On Earth Day 2019, Johns Hopkins University announced a 15-year Solar Agreement with Constellation, an energy supplier headquartered in Baltimore, to procure 250,000 megawatt-hours of clean power annually. The agreement is the largest in the state of Maryland and was the largest among any single university nationally at the time of its signing. Along with demand-side energy management and efficiency investments, this agreement allows JHU to meet its goal of reducing the university’s greenhouse gas emissions 51% by 2025 several years early, while also meeting international targets set by the United Nations Paris Climate Accord to limit global warming to 1.5°C.
In addition to helping JHU meet its climate goals established under the President’s Task Force on Climate Change, the Solar Agreement supports the development of a new renewable energy facility, known as the Skipjack Solar Center, in Charles City County, Virginia. Located on the land of a previous commercial timber operation, the new solar farm includes over 500,000 solar panels and has a capacity of 175 megawatts, while preserving part of the natural forested land area and ensuring economic benefits to the local community.
The renewable electricity produced by the facility is sold to PJM, a regional transmission organization that operates the county’s largest electricity grid across 13 states, including Maryland, Washington D.C., and Virginia. As part of the agreement, energy delivered to JHU by Constellation is matched with renewable energy certificates (RECs), which represent the renewable attributes associated with clean energy generation. Those RECs will be sourced primarily from the Skipjack Solar Center once the facility begins commercial operation. As a result of this agreement, over 80% of the university’s total purchased electricity is sourced from renewable energy.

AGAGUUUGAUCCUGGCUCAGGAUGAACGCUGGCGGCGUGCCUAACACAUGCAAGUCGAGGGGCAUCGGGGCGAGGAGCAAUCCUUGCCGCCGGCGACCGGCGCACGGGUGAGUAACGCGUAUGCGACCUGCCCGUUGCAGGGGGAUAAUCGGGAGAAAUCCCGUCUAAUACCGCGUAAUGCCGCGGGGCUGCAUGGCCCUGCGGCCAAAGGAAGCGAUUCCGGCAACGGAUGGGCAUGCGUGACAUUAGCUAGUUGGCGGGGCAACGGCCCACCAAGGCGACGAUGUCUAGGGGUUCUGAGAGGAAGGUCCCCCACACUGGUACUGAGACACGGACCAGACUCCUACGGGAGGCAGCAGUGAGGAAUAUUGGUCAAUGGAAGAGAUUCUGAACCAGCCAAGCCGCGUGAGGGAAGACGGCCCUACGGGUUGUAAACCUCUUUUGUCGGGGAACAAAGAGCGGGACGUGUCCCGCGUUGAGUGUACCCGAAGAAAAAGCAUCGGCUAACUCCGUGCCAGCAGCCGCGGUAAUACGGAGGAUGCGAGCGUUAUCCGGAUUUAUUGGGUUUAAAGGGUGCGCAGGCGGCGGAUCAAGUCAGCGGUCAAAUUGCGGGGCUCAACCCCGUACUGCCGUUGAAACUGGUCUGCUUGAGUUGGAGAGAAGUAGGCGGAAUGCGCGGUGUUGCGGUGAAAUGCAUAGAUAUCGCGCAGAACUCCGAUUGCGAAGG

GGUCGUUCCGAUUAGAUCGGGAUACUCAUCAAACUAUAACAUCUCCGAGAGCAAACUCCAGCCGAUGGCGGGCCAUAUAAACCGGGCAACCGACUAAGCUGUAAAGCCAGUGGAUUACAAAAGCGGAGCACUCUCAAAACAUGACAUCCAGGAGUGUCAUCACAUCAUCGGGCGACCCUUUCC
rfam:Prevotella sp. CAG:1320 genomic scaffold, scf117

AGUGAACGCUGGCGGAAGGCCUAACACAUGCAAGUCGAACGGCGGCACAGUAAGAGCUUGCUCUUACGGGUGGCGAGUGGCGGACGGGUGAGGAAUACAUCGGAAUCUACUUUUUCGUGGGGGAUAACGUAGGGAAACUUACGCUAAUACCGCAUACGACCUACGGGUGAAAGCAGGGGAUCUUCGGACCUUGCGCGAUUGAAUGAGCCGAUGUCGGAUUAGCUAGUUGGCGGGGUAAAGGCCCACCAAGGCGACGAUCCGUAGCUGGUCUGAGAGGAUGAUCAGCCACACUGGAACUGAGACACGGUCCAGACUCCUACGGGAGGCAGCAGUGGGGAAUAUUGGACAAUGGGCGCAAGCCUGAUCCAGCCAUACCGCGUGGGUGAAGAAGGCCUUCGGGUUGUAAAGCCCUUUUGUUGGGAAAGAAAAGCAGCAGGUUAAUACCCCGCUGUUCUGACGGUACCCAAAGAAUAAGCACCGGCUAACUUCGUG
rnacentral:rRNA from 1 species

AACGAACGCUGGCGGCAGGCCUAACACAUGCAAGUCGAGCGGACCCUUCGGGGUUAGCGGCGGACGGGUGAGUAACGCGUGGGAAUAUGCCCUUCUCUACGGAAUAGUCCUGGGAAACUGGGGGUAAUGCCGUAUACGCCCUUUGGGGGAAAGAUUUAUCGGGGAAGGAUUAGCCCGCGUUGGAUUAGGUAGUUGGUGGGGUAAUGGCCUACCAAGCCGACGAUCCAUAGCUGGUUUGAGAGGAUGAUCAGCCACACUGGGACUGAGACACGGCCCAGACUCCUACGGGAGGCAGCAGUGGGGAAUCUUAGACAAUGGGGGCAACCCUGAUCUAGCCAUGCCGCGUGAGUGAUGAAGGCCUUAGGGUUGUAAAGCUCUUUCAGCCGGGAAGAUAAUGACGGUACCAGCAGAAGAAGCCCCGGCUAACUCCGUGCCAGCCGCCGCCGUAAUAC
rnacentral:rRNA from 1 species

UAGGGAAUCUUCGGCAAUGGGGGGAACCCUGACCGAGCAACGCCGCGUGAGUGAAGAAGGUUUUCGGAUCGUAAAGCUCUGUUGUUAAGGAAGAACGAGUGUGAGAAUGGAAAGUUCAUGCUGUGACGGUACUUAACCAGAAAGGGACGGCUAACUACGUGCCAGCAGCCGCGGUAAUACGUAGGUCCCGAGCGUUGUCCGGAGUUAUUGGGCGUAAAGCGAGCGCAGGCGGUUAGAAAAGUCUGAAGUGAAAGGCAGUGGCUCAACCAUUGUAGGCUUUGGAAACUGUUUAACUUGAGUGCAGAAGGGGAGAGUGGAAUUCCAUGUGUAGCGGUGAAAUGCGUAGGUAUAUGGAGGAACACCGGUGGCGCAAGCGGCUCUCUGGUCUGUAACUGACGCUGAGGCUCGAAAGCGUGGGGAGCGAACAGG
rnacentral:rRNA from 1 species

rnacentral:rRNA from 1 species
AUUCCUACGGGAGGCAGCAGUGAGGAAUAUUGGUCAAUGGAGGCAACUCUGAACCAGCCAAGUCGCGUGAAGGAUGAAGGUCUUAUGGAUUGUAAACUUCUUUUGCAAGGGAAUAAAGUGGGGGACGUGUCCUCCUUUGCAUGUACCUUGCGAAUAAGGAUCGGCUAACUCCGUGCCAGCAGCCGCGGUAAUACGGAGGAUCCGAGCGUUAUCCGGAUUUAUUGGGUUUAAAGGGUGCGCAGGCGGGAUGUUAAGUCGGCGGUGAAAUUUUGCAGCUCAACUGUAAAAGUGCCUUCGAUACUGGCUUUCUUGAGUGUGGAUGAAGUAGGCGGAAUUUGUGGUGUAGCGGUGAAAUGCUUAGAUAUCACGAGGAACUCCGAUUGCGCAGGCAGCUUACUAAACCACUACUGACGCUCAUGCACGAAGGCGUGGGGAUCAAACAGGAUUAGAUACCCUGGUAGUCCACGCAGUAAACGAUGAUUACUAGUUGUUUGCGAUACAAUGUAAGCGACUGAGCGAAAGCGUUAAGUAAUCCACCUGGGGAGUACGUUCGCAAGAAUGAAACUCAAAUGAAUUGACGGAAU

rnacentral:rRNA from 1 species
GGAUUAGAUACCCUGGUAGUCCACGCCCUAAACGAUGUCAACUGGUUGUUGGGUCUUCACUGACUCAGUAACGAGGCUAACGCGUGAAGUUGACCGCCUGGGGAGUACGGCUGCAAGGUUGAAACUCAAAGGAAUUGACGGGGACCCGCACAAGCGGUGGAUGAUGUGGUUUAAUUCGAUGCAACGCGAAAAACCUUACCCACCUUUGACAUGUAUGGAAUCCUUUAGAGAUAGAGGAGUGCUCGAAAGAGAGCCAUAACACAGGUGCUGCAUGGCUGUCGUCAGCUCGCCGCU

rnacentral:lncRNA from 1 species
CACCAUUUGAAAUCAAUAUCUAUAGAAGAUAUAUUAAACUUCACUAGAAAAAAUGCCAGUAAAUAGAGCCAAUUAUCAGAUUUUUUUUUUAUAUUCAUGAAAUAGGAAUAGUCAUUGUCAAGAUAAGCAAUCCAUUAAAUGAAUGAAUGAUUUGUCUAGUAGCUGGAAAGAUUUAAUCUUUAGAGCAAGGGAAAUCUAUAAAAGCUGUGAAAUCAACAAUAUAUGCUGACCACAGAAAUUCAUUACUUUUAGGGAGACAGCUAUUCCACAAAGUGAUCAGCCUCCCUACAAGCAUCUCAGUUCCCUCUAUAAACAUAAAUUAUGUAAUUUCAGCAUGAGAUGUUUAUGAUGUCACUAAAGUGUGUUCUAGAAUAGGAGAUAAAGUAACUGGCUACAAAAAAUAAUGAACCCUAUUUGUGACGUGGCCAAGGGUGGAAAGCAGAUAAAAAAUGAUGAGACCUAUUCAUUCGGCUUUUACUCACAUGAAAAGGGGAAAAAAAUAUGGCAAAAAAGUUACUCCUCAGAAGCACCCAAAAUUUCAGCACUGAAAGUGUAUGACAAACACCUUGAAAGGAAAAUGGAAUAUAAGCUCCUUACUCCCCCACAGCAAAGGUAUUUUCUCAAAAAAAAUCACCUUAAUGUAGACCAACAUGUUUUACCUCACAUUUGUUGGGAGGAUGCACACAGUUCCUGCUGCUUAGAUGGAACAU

The shift to clean energy contributes to reducing JHU’s scope 2 greenhouse gas emissions by 123,000 metric tons of carbon dioxide per year, equivalent to 14,812 single-family homes’ annual energy use. This alone represents a 41% reduction compared to the university’s 2008 baseline, and combined with on-campus energy efficiency measures such as improvements to JHU’s buildings and upgrades to central energy generation and distribution systems, the solar agreement allows JHU to meet and exceed its climate mitigation target.
The construction of the Skipjack Solar Center started in 2020 and is scheduled to begin delivering renewable energy to the grid in the first trimester of 2022. While the construction of the solar farm is not complete, JHU began receiving and retiring RECs, primarily sourced from wind, under its agreement with Constellation in April 2021.